Now, this is a pretty huge simplification, and really, not true so much. Findings of legislative fact are not sacrosanct, no matter who makes them. While judges’ findings of fact are, in practice, given a little less deference, they are still given considerable deference. They aren’t so casually disregarded, and they have to be clearly erroneous to be tossed aside.

Moving beyond the finding of facts, as we discussed during the trial, the first question is what standard of review will be used. Judge Walker ended up going with two different standards of review. For the due process claim, which goes to the issue of the fundamental right to marry, Judge Walker said that Prop 8 was subject to strict scrutiny. However, the intervenors argue that the right to marry is fundamental only between members of the opposite sex. So, you know, no strict scrutiny for you.

This is sure to be an issue of considerable disagreement come our sides’ brief. The right to marry has been determined to be fundamental under the due process under Loving v. Virginia. However, describing this as not applying to same-sex marriage is just as bizarre as saying that practicing Worship of the Spaghetti Monster isn’t protected under the right to free exercise of religion. It may not be the norm, but rights aren’t defined for simply the majority, but also to protect minorities.

Equal Protection

Now, this is where the heart of Judge Walker’s decision lies. By saying that it doesn’t pass rational basis review, the question of due process strict scrutiny, or even the equal protection level of scrutiny, becomes a lot less important. As we’ve mentioned in the past, rational basis review is the lowest level of review, and means that the state need only a rational basis to enact the law, and that the law need only a rational connection to the stated “rational” goal. In the decision, Judge Walker states that he believes legislation based upon orientation should be subject to strict scrutiny, but that because he found that Prop 8 didn’t stand up to rational basis, it didn’t really matter all that much. (Decision at p. 122)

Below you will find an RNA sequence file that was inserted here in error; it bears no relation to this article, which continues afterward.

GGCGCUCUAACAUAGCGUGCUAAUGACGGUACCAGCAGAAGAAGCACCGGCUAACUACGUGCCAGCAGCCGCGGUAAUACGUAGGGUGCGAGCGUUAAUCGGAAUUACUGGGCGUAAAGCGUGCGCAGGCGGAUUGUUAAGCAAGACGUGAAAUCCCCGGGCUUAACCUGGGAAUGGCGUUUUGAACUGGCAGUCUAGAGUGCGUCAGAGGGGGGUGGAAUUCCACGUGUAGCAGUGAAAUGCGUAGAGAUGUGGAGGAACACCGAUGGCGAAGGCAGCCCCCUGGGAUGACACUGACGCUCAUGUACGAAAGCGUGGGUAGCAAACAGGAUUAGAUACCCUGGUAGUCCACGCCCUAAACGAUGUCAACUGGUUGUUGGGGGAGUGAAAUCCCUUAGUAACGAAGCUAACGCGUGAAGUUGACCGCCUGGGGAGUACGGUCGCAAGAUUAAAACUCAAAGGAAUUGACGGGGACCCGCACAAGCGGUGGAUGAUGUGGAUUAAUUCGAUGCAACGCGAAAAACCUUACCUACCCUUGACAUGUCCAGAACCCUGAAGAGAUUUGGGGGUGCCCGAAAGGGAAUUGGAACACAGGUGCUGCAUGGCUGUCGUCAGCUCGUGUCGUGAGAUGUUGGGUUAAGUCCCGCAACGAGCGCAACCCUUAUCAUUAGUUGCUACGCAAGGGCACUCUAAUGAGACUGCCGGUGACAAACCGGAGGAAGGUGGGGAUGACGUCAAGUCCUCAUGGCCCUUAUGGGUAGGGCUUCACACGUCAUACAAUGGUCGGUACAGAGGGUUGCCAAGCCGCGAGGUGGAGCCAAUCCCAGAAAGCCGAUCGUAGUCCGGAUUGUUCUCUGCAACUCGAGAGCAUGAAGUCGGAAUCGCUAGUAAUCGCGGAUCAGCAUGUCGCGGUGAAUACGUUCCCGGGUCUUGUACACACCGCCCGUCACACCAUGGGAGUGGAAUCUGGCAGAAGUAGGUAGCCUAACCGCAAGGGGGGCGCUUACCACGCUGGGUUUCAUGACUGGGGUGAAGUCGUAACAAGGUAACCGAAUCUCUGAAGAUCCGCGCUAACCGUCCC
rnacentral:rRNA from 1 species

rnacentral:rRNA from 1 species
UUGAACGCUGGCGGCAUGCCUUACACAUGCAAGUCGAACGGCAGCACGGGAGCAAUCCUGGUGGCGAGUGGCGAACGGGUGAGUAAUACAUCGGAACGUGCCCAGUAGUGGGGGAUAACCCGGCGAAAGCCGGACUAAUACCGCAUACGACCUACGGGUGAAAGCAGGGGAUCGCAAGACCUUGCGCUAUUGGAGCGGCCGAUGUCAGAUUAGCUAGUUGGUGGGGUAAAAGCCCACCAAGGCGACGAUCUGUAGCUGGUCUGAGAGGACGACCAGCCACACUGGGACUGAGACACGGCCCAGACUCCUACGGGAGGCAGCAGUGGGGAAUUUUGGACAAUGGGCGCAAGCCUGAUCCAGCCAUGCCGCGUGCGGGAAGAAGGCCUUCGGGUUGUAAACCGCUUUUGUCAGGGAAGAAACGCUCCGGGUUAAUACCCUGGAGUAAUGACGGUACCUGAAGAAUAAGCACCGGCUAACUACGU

Here, the Proponents argue once again that any “debate” whatsoever means that there is a rational basis. The proponents have highlighted 6 “interests” that give the state a rational basis. But, a plethora of evidence at the trial showed these reasons simply to be based in prejudice an innuendo, without any basis in fact. As Judge Walker stated, “Tradition alone, however, cannot form a rational basis for a law,” citing Williams v Illinois, a 1970 Supreme Court decision. Reason after reason are simply thinly veiled forms of prejudice.